Achieving a safety culture can be easier said than done if you don't have the framework in place. In a BLR webinar titled "Injury and Incident Prevention at Work: Good for Employees, Employers, and Your Bottom Line," Wayne Vanderhoof, CSP, outlined some aspects about corporate culture that you will need to face, what constitutes a strong safety culture, and how to bring about cultural change.
A corporate culture includes all aspects of the way things are done in the company (including company values, beliefs, and attitude). It may be written or undocumented, formal or informal, blatant or underground, segmented or departmentalized, but it is there even if it is not obvious on the surface. Understanding your corporate culture can be the first step to implementing a strong safety culture within it.
A strong safety culture includes:
- High level of awareness for safety.
- Encourages and values employee involvement.
- Commitment from both management and workers.
- An attitude that there is only one way to do the task: safely.
- Safety is not “#1” or the “top priority.” Instead, safety is a core value along with production, sales, customer service and quality. Priorities change, values do not.
A strong safety culture must have employee buy-in. You may need to start small to achieve this. Start by focusing on compliance issues, and move toward having an environment where workplace hazards are proactively identified by workers. You will need to communicate often and communicate well. Consider using many means of communication, such as newsletters, bulletin boards, and posters. Explain to employees that they can be involved many ways, such as participation in the safety committee, inspections, or in conducting a job hazard analysis (JHA). In all of your communications be sure to be consistent. Also be sure that actions are consistent with words.
At the beginning of the culture change you should:
- Begin to show a slightly higher level of safety awareness
- Address physical hazards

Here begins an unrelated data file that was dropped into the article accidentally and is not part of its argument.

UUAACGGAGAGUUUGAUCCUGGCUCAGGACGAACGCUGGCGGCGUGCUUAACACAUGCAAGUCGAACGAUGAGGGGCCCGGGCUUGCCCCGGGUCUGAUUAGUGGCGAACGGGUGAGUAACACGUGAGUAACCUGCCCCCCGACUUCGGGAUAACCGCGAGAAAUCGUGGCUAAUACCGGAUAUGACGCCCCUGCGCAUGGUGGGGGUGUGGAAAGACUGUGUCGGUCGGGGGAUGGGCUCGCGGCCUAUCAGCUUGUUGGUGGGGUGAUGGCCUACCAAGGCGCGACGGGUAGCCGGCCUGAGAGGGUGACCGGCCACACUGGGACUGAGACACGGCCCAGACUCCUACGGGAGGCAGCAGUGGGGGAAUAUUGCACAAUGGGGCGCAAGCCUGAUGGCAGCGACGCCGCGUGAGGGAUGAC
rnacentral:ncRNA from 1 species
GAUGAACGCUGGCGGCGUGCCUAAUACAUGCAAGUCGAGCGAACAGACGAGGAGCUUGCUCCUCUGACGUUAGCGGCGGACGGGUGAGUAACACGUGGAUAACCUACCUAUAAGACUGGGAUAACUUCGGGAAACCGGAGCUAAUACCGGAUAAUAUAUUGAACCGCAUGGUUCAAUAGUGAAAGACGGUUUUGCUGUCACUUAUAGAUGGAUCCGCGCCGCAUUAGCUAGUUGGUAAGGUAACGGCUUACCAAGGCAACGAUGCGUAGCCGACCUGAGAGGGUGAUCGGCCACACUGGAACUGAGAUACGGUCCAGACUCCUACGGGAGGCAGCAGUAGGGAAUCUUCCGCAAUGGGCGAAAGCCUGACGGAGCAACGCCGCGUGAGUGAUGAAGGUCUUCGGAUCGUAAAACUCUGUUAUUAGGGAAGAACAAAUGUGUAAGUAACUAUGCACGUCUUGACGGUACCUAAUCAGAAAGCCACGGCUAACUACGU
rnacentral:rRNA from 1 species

- Ensure you have basic safety procedures, safety posters and warning signs
As more time and commitment are devoted to the cultural shift:
- Develop safety recognition and incentive programs
- Safety committees are started
Later, as the culture change progresses:
- Safety professional is utilized
- Full-time Safety Director may be brought on
- Utilize a consultant
- More resources provided for accident investigations and safety training
- Accountability systems are implemented
- Safety goals are aligned with business goals
- Metrics are measured
Once the cultural change is more complete and the environment is truly changing:
- Safety becomes everyone's responsibility, not just the safety director's
- Safety is a core value of the organization
- Safety is an integral part of operations
- Management and employees are committed and involved in preventing losses
- Continuously improving the culture
Wayne Vanderhoof, CSP, is the president of RJR Safety, Inc. (www.rjrsafety.com) Vanderhoof has more than twenty years of experience in safety and health beginning with petrochemical plant design. Former positions included Safety, Health and Environment Coordinator for an engineering design company, Safety and Health Project Coordinator for an engineering consulting company, and Operations Safety Coordinator and Training Coordinator in the plastics industry. He is a Certified Safety Professional (CSP) and a Professional Member of the American Society of Safety Engineers. He is also an OSHA Authorized Instructor, PEC Certified Instructor, and Hydrogen Sulfide (H2S) Instructor.
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